Isherwood: Hockey’s bank bashing a smokescreen
Isherwood: Hockey’s bank bashing a smokescreen for busted banks; national bank the only solution
Australia’s banks are as bankrupt as the global financial system they are part of, which is why they have no choice but to jack up the interest rate pressure on mortgage-stressed families—and it is entirely the Parliament’s fault, stressed Citizens Electoral Council leader Craig Isherwood today.
“Joe Hockey’s hot air about curbs on bank interest rate rises is nothing but a smokescreen to hide the true state of the banks,” Mr Isherwood said, adding, “but look at the hysterical reaction!
“Why are the banks untouchable? They are only open because the public has propped them up, but the flurry over Hockey’s call for curbs shows the public—through the government—has no right to demand they behave.
“Listen to Parliament’s best-known banker, Malcolm Turnbull—everyone has to bow to the magic spirit called the ‘free market’.”
The real issue, Mr Isherwood insisted, is the bankruptcy of the banking system. He pointed to the mortgage foreclosure crisis in the U.S., where Bank of America has just been sued by the world’s biggest bond trader PIMCO, to repurchase $47 billion in actually worthless securities because Bank of America can’t prove it holds the titles to the mortgages on which the securities are based.
“This crisis is going to blow apart the whole edifice of government life support for the banks through bailouts that is the only thing keeping the global banking system propped up since the September 2008 collapse of Lehman Brothers—and Australia’s banks are right in the middle if it,” he said.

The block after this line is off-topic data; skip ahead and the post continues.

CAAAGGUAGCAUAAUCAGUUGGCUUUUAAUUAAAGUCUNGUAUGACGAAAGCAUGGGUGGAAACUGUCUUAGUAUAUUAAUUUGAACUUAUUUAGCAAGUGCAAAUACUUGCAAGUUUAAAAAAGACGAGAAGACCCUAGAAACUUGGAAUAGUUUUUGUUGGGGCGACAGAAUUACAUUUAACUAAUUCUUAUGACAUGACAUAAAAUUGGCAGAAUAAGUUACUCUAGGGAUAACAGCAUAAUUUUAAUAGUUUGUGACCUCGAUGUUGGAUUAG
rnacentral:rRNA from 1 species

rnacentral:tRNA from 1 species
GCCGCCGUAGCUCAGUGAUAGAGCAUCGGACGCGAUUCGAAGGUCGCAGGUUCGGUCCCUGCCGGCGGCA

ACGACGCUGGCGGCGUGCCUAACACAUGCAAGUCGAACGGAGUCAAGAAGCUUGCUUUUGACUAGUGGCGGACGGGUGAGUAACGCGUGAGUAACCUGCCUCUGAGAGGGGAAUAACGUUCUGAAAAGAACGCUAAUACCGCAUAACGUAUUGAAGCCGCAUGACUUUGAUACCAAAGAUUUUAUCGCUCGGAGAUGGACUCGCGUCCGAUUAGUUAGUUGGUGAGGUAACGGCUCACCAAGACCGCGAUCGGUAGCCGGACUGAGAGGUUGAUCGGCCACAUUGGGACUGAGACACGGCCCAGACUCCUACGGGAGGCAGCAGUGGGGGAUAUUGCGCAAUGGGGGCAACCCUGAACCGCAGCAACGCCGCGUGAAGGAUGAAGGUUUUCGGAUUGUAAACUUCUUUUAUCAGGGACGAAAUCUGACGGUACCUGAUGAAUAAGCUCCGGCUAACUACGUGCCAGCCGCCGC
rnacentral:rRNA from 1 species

He explained that for years, the Australian banks poured hundreds of billions of dollars into the Australian property market, which inflated a massive bubble, driving up property prices many-fold over the past decade. The bubble was so insatiable, the banks ran out of depositors’ funds to invest, and borrowed from overseas—usually on just short-term, 90-day bills—to funnel into domestic mortgages.
Since the onset of the “GFC”, the banks know that if Australia’s property bubble bursts the way America’s has, they would all be bankrupt, so they have no choice but to keep fueling the bubble with mortgages loans, borrowed from overseas. This puts the banks—and by extension the nation—at the mercy of the international money markets: every 90 days, when the banks borrow again to roll over their existing loans, they have to take the interest rate at the time, and when they get hit with higher interest rates on 90-day bills, they have to pass that on to their variable-rate mortgage customers. In October 2008, foreign lenders refused to roll over the banks’ 90-day bills by lending more money, so the Rudd government had to step in and guarantee the banks’ foreign borrowings, or the supposedly “sound” Australian banks would have collapsed. The current Bank of America-centred foreclosure crisis in the U.S. is a deadly threat to Australia’s banks all over again.
“This is the Parliament’s fault,” Mr Isherwood charged. “The Constitution places them in charge of banking and money—not the fairy-tale ‘free market’—and they have the power to solve this crisis with the CEC’s Homeowners and Bank Protection Bill 2007, and to guarantee a truly sound banking system by establishing a national bank.
“The Australian people must demand that the Parliament grow a backbone, and take charge of the banking system the way the old Labor Party did when King O’Malley created the Commonwealth Bank in 1911, and the way John Curtin and Ben Chifley made the private banks toe the line with heavy regulations during WWII.”